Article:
The next day after the marathon we took the 270 km/hr Shinkansen from Tokyo to Kyoto. The ride was under 3 hours and ultra smooth.
We rented a nice Airbnb room and the apartment complex had a mini shrine outside the front door. It was prescient of the many, many shrines and temples we would see in Kyoto. We spent about a day and a half of touring Kyoto. We did have temple fatigue, but when you have this once in a lifetime opportunity you have to keep pushing. We enjoyed the peace and tranquility of it all. We could move slowly, think clearly and live in the moment. It was very different from our hectic lives at work.
My favorite sections of Kyoto were Matsubara Dori and Gion. You could eat your weight in yama-yatsuhashi samples while ogling at the pretty kimonos. I am not sure if we spotted maiko (geisha in training). We saw some lovely girls with the white makeup, wooden shoes and hair ornaments. Even if they were not real geisha, they looked authentic in my mind!
We went on a day trip to Hiroshima and visited a garden and an art museum. We also went to ground zero of the atomic bomb. The structure still stands and the Hiroshima Memorial Peace Museum made me choke up. The story that touched me the most was about a woman who went searching for her husband as soon as news hit that a bomb exploded. She could not go to his office immediately because of the ferocious fires. She checked the relief stations, but he was nowhere. A week later she was able to make it into the city where she dug through the debris to get to his office. She found her husband’s bones in the position of a person sitting in a chair, with his arm outstretched towards his lunch box. Heartbreaking.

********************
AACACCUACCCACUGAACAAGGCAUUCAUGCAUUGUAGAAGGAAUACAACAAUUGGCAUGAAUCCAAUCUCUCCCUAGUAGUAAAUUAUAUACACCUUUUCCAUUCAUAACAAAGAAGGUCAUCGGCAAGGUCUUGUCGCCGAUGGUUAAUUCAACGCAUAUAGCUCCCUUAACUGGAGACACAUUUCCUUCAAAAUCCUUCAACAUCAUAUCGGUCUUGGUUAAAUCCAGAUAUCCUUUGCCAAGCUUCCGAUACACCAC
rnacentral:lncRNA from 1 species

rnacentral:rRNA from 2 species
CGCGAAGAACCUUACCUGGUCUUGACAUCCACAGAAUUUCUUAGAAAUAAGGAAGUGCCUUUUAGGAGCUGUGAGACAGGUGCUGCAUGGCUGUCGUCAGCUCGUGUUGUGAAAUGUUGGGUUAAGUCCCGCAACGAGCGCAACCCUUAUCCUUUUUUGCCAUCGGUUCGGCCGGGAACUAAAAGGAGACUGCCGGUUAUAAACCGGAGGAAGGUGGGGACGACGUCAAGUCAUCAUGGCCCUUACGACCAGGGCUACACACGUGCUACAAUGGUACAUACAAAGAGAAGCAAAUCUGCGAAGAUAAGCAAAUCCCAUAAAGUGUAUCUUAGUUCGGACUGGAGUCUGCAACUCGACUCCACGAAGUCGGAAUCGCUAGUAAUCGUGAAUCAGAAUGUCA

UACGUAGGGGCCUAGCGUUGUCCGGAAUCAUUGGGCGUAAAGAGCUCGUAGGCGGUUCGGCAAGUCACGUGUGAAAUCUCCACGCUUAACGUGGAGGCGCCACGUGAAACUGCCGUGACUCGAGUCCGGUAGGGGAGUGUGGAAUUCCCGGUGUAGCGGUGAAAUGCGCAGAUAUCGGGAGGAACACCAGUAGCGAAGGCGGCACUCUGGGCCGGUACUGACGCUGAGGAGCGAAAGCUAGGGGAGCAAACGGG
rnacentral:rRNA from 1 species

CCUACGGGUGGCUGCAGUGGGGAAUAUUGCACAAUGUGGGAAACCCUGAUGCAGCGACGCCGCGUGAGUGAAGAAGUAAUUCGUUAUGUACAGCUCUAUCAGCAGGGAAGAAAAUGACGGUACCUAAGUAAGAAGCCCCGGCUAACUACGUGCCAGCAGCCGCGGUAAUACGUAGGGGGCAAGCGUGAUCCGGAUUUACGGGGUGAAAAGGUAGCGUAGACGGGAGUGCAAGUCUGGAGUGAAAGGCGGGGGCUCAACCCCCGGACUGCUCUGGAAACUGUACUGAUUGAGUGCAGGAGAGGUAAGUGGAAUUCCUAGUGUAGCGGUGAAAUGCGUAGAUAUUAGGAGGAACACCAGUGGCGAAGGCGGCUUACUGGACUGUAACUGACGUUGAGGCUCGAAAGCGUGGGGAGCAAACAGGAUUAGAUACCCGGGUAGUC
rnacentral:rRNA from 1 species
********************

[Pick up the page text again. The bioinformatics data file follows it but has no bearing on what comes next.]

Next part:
After Kyoto, it was all about business! We transferred to Osaka and met with many people. George arranged two meetings in one day and, besides the marathon, it was one of the most interesting days of our trip. First, I have to digress and talk about how awesome the bathroom was in our hotel because it really was interesting!
The Toto toilet in Shinjuku included a bidet and a control panel to adjust things like water direction and water pressure. The Toto toilet in Osaka had the same features, but more! There were buttons for water temperature, drying and extra deodorizing! The toilets made me happy and added an extra level of excitement to the trip.
George took us to the pharmacy district in Osaka (it is like Pill Hill in Seattle). First stop was Mitsubishi-Tanabe Pharma Corporation. We sat in a meeting room with some very important people: Mr. Teruo Ueno, Mr. Mitsuru Kawanishi, Mr. Kouji Kawabe and Mrs. Kazuko Hamada. George made handouts with pictures for each of the 5 marathons that I had completed to date. He spoke for a bit in Japanese, then turned to me and instructed me to talk 5 minutes on each marathon. I was a little intimidated, but when the “big boss” (George’s words) looked directly at me spoke Japanese, in a kind and soft tone, I knew he was encouraging me.
After the meeting, we went to the company cafeteria for lunch. Brian and I had udon and it was very comical because my chopstick skills are pathetic. Mr. Kawanishi tried to teach me proper technique, but I'm hopeless! Fortunately we were eating udon, so the goal was to get some part of the noodle into my mouth and I could slurp up the rest!